Rethinking the Controversies of Deportation
In 2018, thousands of people who had come to the UK from the Caribbean as migrant workers or their dependants in the 1950s and 1960s found themselves caught within a pervasive net of immigration enforcement measures. These measures, contained in the 2014 and 2016 Immigration Acts, were employed to create a ‘hostile environment’ for irregular migrants. Unable to provide evidence of continuous residence in the UK for the past 40+ years, many of these people were threatened with deportation – despite having arrived legally in the UK.
Known as the ‘Windrush scandal’, these events shocked the British public. The fact that these people were predominantly black and had arrived from British ex-colonies as part of the ‘mother country’s’ post-war economic reconstruction efforts adds important dimensions to diagnosing the controversies of deportation in the real world. It requires scholars to place issues of discrimination and historical injustice at the centre of their analysis.
Rethinking Deportation: Between Past and Present
Deportation – understood as the forced expulsion of individual non-citizens from the territory of the state – poses some crucial ethical and political challenges to the liberal state. These concern the definition of membership in the state, the legitimacy of different forms of mobility, and upholding standards of procedural justice. Mainly rooted in a liberal perspective, scholars engaging with these issues have largely overlooked the ways in which deportation is related to discrimination and histories of injustice. However, as the Windrush scandal demonstrates, these issues remain relevant today.
In this piece, I contribute to rethinking the controversies of deportation in a way that highlights the relationship between deportation, discrimination, and the legacy of historical injustice. Rather than looking at abstract theorizations of deportation, I ground my analysis on the arguments of those who have contested deportation in practice. Drawing on my doctoral research on the evolution of anti-deportation activism in the United Kingdom, I discuss historical examples of civil society of contestations of deportation from the late 1970s to the mid-1990s.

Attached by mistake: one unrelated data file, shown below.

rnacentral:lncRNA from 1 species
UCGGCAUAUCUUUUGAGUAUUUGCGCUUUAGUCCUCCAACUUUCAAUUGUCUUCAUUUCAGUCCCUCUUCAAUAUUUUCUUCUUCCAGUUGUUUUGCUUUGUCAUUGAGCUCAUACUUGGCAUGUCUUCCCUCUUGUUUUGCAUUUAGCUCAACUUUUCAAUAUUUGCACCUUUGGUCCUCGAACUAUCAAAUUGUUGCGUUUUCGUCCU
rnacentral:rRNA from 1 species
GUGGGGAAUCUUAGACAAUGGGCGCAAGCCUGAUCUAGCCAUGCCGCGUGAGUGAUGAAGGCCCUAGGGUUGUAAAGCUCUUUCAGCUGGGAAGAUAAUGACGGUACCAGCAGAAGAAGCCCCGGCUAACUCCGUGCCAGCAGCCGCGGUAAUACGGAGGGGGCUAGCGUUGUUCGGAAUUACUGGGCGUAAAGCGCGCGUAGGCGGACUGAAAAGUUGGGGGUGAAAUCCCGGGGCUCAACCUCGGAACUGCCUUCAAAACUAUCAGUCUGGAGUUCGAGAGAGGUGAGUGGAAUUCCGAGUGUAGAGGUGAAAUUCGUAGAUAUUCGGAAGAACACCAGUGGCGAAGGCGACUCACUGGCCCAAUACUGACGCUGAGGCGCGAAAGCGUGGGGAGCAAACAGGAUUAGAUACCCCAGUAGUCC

How can these historical contestations help us rethink the controversies of deportation in the UK today? Firstly, I argue that theorists should look further into how deportation reproduces a discriminatory logic of who has access to mobility. Secondly, I point out that deportation creates particular forms of discrimination at the level of enforcement. Finally, I show that deportation has the potential to reproduce historical injustice towards particular groups of contemporary migrants.
The Relationship Between Deportation, Discrimination and Mobility
Looking at the arguments of anti-deportation activists during the period from the late 1970s to the mid-1990s can help us better conceptualise the relationship between deportation, discrimination and mobility. During this time, activists argued that deportation constituted the enforcement of discriminatory immigration controls. Slogans such as ‘British immigration laws are racist and sexist’ were repeated across the publicity material of various campaigns, making connections among racial and gender forms of discrimination.
Leaflet from ‘Prakash and Prem Must Stay’ Anti-Deportation Campaign, Birmingham 
Some of the activists I interviewed believed that during the 1970s and 1980s the British state had introduced a series of measures – including visa restrictions towards particular countries, carrier sanctions and particular immigration policies – that curtailed the mobility of racialised populations. Many activists argued that the specific immigration laws introduced at the time, most prominently the 1971 Immigration Act, were designed to be discriminatory.
Other participants believed that immigration controls were mainly discriminatory in their effects. They argued that racialised minorities were disproportionately targeted in the enforcement of such laws, as a result of both institutionally racist institutions – e.g. the police, the criminal justice system and Home Office – and the prejudices of individual officials.